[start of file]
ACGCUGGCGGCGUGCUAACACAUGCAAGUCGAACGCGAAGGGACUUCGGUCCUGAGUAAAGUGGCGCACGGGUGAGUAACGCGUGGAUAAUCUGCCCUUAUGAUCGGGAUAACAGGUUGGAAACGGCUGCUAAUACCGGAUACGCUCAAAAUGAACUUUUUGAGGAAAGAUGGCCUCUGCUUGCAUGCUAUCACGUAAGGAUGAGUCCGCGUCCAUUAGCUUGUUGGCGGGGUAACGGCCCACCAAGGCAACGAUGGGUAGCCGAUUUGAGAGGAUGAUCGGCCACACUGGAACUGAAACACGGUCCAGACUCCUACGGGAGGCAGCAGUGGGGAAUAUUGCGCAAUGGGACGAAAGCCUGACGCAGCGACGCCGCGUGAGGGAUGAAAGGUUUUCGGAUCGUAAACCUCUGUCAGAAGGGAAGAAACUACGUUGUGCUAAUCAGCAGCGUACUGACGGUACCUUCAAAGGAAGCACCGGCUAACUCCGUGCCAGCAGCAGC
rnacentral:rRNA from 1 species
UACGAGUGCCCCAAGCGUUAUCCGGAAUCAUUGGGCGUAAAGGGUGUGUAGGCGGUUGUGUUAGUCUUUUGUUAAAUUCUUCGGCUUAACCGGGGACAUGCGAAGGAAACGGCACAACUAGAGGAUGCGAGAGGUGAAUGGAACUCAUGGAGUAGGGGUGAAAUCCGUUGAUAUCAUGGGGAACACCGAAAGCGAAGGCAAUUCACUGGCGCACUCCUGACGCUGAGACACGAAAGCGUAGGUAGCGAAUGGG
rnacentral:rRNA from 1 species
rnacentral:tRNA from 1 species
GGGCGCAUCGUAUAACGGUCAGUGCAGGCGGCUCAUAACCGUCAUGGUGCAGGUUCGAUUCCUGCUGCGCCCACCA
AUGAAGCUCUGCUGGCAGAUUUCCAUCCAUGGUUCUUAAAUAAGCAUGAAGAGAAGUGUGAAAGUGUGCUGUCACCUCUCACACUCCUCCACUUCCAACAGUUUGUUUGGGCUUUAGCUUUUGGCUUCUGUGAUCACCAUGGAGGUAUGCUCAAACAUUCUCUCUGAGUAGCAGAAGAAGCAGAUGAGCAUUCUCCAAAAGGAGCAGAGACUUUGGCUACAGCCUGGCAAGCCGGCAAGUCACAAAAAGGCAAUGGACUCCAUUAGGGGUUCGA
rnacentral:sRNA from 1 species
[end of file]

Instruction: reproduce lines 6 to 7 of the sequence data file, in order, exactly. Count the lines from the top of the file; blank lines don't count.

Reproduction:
GGGCGCAUCGUAUAACGGUCAGUGCAGGCGGCUCAUAACCGUCAUGGUGCAGGUUCGAUUCCUGCUGCGCCCACCA
AUGAAGCUCUGCUGGCAGAUUUCCAUCCAUGGUUCUUAAAUAAGCAUGAAGAGAAGUGUGAAAGUGUGCUGUCACCUCUCACACUCCUCCACUUCCAACAGUUUGUUUGGGCUUUAGCUUUUGGCUUCUGUGAUCACCAUGGAGGUAUGCUCAAACAUUCUCUCUGAGUAGCAGAAGAAGCAGAUGAGCAUUCUCCAAAAGGAGCAGAGACUUUGGCUACAGCCUGGCAAGCCGGCAAGUCACAAAAAGGCAAUGGACUCCAUUAGGGGUUCGA